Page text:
The presidential candidates of the following parties signed on to the Code of Conduct: A Partnership for National Unity (APNU), signed by David Granger; Alliance for Change (AFC) signed by Khemraj Ramjattan; People’s Progressive Party/Civic signed by Donald Ramotar; The United Force (TUF) signed by Peter Persaud; and East Berbice Development Association (EBDA) signed by David Subnauth who is contesting regional elections only.
Among the tenets of the Code of Conduct are: the belief in the sanctity of human life, and the abhorrence of taking human life coupled with the denouncing of violation of anyone because of that person’s political allegiance; the opposition to and rejection of the use of violence and intimidation or plans of this nature by any political candidate, agent, member or supporter as a means of expressing political support or furthering political objectives; the commitment to non-violent relations between its candidates, agents, members and supporters and those of other political parties; accountability and transparency and the opposition to and rejection of any disrespect leveled at media houses and media practitioners.
The Code of Conduct is a document that was prepared with the input of all political parties contesting the elections, as they recognized the need for peace and public order, freedom of political campaigning, and compliance with electoral laws and regulations as being essential and of paramount importance to the conduct of free, fair and credible elections.
GECOM’s chairman, Dr Steve Surujbally said that the Code of Conduct is not an illusion as it was not conceived as a transitory, fly-by-night document.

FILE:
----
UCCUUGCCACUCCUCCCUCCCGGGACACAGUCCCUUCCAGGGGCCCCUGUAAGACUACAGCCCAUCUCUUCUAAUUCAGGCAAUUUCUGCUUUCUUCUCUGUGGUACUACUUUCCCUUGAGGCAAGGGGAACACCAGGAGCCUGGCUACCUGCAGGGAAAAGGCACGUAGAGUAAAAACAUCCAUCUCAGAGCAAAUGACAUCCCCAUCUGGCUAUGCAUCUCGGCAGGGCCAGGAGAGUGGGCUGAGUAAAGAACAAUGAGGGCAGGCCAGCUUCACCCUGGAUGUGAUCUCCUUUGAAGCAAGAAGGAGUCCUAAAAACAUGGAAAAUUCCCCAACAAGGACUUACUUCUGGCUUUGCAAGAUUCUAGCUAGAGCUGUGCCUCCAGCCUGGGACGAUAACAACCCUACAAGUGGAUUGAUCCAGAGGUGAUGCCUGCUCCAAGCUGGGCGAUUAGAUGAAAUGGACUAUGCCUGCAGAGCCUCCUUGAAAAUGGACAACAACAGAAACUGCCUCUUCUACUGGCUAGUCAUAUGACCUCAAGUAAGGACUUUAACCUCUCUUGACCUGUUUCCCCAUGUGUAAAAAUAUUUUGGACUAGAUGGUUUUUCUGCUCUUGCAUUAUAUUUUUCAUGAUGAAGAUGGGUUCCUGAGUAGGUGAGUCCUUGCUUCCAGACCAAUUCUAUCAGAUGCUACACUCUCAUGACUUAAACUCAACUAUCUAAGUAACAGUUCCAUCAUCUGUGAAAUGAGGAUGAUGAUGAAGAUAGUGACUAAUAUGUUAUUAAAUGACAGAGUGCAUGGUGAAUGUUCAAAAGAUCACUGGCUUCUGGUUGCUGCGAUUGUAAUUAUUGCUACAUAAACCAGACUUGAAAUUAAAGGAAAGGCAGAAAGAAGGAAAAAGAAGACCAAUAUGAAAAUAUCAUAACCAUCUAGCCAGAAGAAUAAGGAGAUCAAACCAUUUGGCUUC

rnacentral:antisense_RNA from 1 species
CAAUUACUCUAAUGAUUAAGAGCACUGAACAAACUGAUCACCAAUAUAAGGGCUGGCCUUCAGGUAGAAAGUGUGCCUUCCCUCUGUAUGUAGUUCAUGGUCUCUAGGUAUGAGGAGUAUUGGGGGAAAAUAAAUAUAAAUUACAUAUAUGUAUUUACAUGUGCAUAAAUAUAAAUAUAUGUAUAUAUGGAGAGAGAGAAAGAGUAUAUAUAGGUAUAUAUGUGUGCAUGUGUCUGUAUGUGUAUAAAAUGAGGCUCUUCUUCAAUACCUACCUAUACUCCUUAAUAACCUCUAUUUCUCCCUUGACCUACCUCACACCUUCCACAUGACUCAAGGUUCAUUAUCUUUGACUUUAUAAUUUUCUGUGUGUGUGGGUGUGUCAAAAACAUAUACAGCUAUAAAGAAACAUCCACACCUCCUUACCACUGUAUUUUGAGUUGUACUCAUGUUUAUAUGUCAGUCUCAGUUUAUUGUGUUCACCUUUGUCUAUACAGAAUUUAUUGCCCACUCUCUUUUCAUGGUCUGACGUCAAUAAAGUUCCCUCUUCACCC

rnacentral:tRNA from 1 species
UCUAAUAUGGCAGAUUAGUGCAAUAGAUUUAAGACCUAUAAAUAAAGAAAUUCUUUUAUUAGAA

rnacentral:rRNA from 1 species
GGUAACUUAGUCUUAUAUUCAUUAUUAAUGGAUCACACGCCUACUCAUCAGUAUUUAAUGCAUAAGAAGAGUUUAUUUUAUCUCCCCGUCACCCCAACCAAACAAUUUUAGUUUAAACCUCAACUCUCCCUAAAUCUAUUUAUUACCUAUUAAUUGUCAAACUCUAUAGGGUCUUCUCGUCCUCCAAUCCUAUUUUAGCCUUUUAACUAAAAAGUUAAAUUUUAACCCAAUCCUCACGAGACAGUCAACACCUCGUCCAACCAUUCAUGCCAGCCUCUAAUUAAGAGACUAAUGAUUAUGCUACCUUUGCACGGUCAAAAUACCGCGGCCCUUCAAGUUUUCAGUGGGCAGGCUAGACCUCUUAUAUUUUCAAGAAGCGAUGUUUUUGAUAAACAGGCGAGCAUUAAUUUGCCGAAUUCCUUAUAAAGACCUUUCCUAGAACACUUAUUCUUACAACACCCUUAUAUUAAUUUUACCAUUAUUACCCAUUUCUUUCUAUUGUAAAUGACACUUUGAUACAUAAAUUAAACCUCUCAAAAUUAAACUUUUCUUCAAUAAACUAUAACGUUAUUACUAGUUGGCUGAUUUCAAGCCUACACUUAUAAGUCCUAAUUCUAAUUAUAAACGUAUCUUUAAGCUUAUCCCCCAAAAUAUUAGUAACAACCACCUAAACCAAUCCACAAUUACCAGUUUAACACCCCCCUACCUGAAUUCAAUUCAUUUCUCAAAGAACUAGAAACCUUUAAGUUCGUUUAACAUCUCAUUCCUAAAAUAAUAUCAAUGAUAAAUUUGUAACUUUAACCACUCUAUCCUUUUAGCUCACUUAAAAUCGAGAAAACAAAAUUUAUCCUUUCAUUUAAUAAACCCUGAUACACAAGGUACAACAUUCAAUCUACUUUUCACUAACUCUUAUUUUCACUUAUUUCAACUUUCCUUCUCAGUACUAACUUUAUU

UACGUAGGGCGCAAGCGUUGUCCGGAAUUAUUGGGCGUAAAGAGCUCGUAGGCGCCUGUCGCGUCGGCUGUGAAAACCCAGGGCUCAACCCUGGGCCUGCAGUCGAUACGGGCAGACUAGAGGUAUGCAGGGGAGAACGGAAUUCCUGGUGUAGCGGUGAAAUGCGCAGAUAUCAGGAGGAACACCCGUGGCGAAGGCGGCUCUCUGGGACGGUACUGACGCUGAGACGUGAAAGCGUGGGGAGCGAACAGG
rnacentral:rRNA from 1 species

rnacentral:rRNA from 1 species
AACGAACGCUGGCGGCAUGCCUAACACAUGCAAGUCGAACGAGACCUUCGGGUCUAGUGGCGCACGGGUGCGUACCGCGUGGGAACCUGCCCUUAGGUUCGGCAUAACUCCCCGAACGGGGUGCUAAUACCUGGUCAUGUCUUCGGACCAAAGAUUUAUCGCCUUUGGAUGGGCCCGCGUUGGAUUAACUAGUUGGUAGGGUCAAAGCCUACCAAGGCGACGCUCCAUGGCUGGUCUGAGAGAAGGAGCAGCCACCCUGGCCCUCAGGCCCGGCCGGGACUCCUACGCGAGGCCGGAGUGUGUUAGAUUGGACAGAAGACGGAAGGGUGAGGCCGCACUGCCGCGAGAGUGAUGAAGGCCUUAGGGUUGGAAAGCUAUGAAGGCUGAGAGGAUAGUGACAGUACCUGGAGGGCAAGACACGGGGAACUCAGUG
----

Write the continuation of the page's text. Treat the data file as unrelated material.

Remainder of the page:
“I have no doubt whatsoever that you all are convinced that the objectives and tenets enshrined in this Code of Conduct for Political Parties contesting the 2011 General and Regional elections are in fact both meritorious and virtuous… Signing on to the Code is simply the right thing to do… Adherence to the Code elevates all concerned to a moral high ground — away from the currently deteriorating thrust and party of political campaigning,” Surujbally said.
He further noted that the Code cannot be faulted as it is not punitive, its essence is self-regulatory, and it is neither complex nor complicated, as the Code recognizes that peace and order, compliance with electoral laws, respect for opponents and the electorate are important.
“GECOM must not be placed in a position of trying to manage and produce credible elections in an environment of hostility and turbulence… It is for these reasons that these gentlemen, who aspire to manage the affairs of Guyana for the next five years, are prepared to endorse the contents of this all-encompassing Code… Once this conviction is shared by all contesting political parties, then campaign behaviour will inevitably result in the singular focus of healing — not promoting, not exacerbating any existing social fissures and cleavages,” Surujbally said.
He urged the political parties not to allow the Code of Conduct to be weakened by distrust, petulance, vexation, petty discontent or manufactured resentment.
“By signing you have talked the talk; now you must walk the walk,” Surujbally said.